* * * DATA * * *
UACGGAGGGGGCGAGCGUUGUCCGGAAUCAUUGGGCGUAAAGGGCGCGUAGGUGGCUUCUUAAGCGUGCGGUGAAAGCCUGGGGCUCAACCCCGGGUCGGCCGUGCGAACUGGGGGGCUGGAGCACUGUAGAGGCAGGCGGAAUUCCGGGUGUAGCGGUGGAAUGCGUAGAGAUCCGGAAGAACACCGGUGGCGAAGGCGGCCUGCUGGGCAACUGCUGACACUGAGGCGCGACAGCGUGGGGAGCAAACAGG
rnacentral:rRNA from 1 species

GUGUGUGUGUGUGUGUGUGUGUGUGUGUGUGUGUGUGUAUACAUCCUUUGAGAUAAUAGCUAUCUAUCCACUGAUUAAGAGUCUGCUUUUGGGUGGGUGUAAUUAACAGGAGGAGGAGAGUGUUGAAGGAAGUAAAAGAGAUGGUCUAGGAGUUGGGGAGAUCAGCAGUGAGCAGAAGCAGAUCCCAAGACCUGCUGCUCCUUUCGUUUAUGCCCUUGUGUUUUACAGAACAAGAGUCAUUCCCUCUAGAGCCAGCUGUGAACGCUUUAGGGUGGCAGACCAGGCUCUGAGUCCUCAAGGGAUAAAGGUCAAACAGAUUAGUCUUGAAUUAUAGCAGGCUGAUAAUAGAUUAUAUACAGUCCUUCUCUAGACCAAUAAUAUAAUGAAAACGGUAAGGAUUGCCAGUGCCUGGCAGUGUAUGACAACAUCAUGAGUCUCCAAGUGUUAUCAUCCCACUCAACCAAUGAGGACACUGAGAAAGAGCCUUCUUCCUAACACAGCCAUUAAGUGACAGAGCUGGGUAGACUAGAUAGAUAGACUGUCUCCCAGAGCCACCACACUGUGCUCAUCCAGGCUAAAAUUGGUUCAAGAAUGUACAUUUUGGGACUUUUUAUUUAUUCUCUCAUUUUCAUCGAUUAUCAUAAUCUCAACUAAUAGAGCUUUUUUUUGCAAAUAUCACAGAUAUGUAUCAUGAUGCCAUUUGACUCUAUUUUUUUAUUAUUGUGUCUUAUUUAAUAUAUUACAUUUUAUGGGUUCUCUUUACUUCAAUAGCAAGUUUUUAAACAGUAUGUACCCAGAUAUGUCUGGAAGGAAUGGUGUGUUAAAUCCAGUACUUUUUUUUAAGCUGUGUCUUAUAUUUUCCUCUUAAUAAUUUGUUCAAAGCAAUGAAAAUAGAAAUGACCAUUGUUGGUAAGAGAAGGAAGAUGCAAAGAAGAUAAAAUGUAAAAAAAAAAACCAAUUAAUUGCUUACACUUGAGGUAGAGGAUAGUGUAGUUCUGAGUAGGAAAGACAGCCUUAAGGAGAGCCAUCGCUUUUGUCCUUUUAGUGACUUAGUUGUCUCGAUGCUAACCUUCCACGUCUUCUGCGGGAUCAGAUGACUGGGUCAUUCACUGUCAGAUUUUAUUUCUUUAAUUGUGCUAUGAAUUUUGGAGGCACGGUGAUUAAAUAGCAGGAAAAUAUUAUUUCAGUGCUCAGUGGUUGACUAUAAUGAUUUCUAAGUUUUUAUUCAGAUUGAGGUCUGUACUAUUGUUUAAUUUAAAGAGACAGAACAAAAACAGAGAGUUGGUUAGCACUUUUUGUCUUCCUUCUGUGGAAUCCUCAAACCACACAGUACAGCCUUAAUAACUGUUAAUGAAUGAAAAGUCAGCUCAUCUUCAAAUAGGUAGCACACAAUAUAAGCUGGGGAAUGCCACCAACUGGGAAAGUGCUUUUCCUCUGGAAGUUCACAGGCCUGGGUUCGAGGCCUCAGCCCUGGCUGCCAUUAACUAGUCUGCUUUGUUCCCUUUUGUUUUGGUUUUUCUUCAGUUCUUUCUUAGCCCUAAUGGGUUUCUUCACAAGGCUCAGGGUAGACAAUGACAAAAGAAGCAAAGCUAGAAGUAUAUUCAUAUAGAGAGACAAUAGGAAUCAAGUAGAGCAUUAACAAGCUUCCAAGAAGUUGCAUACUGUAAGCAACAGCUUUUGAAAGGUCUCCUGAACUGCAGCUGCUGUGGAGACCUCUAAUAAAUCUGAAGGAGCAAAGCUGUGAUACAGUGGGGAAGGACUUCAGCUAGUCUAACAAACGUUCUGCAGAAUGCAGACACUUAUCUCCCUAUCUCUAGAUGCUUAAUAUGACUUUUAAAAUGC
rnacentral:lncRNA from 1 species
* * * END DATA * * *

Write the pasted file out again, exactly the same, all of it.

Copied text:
UACGGAGGGGGCGAGCGUUGUCCGGAAUCAUUGGGCGUAAAGGGCGCGUAGGUGGCUUCUUAAGCGUGCGGUGAAAGCCUGGGGCUCAACCCCGGGUCGGCCGUGCGAACUGGGGGGCUGGAGCACUGUAGAGGCAGGCGGAAUUCCGGGUGUAGCGGUGGAAUGCGUAGAGAUCCGGAAGAACACCGGUGGCGAAGGCGGCCUGCUGGGCAACUGCUGACACUGAGGCGCGACAGCGUGGGGAGCAAACAGG
rnacentral:rRNA from 1 species

GUGUGUGUGUGUGUGUGUGUGUGUGUGUGUGUGUGUGUAUACAUCCUUUGAGAUAAUAGCUAUCUAUCCACUGAUUAAGAGUCUGCUUUUGGGUGGGUGUAAUUAACAGGAGGAGGAGAGUGUUGAAGGAAGUAAAAGAGAUGGUCUAGGAGUUGGGGAGAUCAGCAGUGAGCAGAAGCAGAUCCCAAGACCUGCUGCUCCUUUCGUUUAUGCCCUUGUGUUUUACAGAACAAGAGUCAUUCCCUCUAGAGCCAGCUGUGAACGCUUUAGGGUGGCAGACCAGGCUCUGAGUCCUCAAGGGAUAAAGGUCAAACAGAUUAGUCUUGAAUUAUAGCAGGCUGAUAAUAGAUUAUAUACAGUCCUUCUCUAGACCAAUAAUAUAAUGAAAACGGUAAGGAUUGCCAGUGCCUGGCAGUGUAUGACAACAUCAUGAGUCUCCAAGUGUUAUCAUCCCACUCAACCAAUGAGGACACUGAGAAAGAGCCUUCUUCCUAACACAGCCAUUAAGUGACAGAGCUGGGUAGACUAGAUAGAUAGACUGUCUCCCAGAGCCACCACACUGUGCUCAUCCAGGCUAAAAUUGGUUCAAGAAUGUACAUUUUGGGACUUUUUAUUUAUUCUCUCAUUUUCAUCGAUUAUCAUAAUCUCAACUAAUAGAGCUUUUUUUUGCAAAUAUCACAGAUAUGUAUCAUGAUGCCAUUUGACUCUAUUUUUUUAUUAUUGUGUCUUAUUUAAUAUAUUACAUUUUAUGGGUUCUCUUUACUUCAAUAGCAAGUUUUUAAACAGUAUGUACCCAGAUAUGUCUGGAAGGAAUGGUGUGUUAAAUCCAGUACUUUUUUUUAAGCUGUGUCUUAUAUUUUCCUCUUAAUAAUUUGUUCAAAGCAAUGAAAAUAGAAAUGACCAUUGUUGGUAAGAGAAGGAAGAUGCAAAGAAGAUAAAAUGUAAAAAAAAAAACCAAUUAAUUGCUUACACUUGAGGUAGAGGAUAGUGUAGUUCUGAGUAGGAAAGACAGCCUUAAGGAGAGCCAUCGCUUUUGUCCUUUUAGUGACUUAGUUGUCUCGAUGCUAACCUUCCACGUCUUCUGCGGGAUCAGAUGACUGGGUCAUUCACUGUCAGAUUUUAUUUCUUUAAUUGUGCUAUGAAUUUUGGAGGCACGGUGAUUAAAUAGCAGGAAAAUAUUAUUUCAGUGCUCAGUGGUUGACUAUAAUGAUUUCUAAGUUUUUAUUCAGAUUGAGGUCUGUACUAUUGUUUAAUUUAAAGAGACAGAACAAAAACAGAGAGUUGGUUAGCACUUUUUGUCUUCCUUCUGUGGAAUCCUCAAACCACACAGUACAGCCUUAAUAACUGUUAAUGAAUGAAAAGUCAGCUCAUCUUCAAAUAGGUAGCACACAAUAUAAGCUGGGGAAUGCCACCAACUGGGAAAGUGCUUUUCCUCUGGAAGUUCACAGGCCUGGGUUCGAGGCCUCAGCCCUGGCUGCCAUUAACUAGUCUGCUUUGUUCCCUUUUGUUUUGGUUUUUCUUCAGUUCUUUCUUAGCCCUAAUGGGUUUCUUCACAAGGCUCAGGGUAGACAAUGACAAAAGAAGCAAAGCUAGAAGUAUAUUCAUAUAGAGAGACAAUAGGAAUCAAGUAGAGCAUUAACAAGCUUCCAAGAAGUUGCAUACUGUAAGCAACAGCUUUUGAAAGGUCUCCUGAACUGCAGCUGCUGUGGAGACCUCUAAUAAAUCUGAAGGAGCAAAGCUGUGAUACAGUGGGGAAGGACUUCAGCUAGUCUAACAAACGUUCUGCAGAAUGCAGACACUUAUCUCCCUAUCUCUAGAUGCUUAAUAUGACUUUUAAAAUGC
rnacentral:lncRNA from 1 species